Colorado’s Senator Michael Bennet has announced that he will not support the Senate Democrats’ filibuster of Gorsuch’s nomination, but that his vote on the nomination itself will depend on whether Senate Republicans move to change the filibuster rules, in which case all bets are off.
Conveniently, Bennet’s announcement came just as Senate Minority Leader Chuck Schumer claimed to have the needed 41 votes to sustain the filibuster.
Bennet has been under pressure here in Colorado to support Gorsuch’s nomination, for two obvious reasons – Gorsuch is unquestionably qualified for the Court, and he’s a fellow Coloradan. (In fact, Gorsuch’s childhood home is just a few blocks from where I live now.) This approach allows Bennet to maximize political posturing, while allowing others to do all the heavy lifting.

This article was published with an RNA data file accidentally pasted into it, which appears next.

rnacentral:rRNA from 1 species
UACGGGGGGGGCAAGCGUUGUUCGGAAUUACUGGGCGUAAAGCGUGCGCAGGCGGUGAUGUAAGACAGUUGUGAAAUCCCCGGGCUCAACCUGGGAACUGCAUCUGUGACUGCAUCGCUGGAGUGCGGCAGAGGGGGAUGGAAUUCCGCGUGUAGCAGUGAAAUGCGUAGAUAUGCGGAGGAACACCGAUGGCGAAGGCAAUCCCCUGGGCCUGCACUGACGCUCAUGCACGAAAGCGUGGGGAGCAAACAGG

This is, perhaps, the most pointless partisan filibuster in all of history. Majority Leader McConnell has all but announced his intention to change the Senate rules to ditch the filibuster for Supreme Court nominations, the last remaining nomination filibuster permitted. In doing this, he is doing no more than Harry Reid intended that Chuck Schumer do, when the Democrats expected to retake the Senate and retain the White House back in November.
Bennet’s position allows him to pretend that he opposed the filibuster that forces McConnell’s hand, while knowing that other Democrats will carry that filibuster on without him. Then, he can avoid the question of Gorsuch’s merits by pretending to be outraged by the inevitable rules change.
It’s classic Bennet, who expressed doubts about the Iran deal, even playing on his own Jewish background, but then threw up his hands, shrugged, asked, “What can you do?” and voted to sustain the Senate Democrats’ filibuster of the resolution of disapproval, so as to avoid a recorded vote on the merits.
Bennet, always one to conserve political courage for another day, has stayed true to himself in his decision.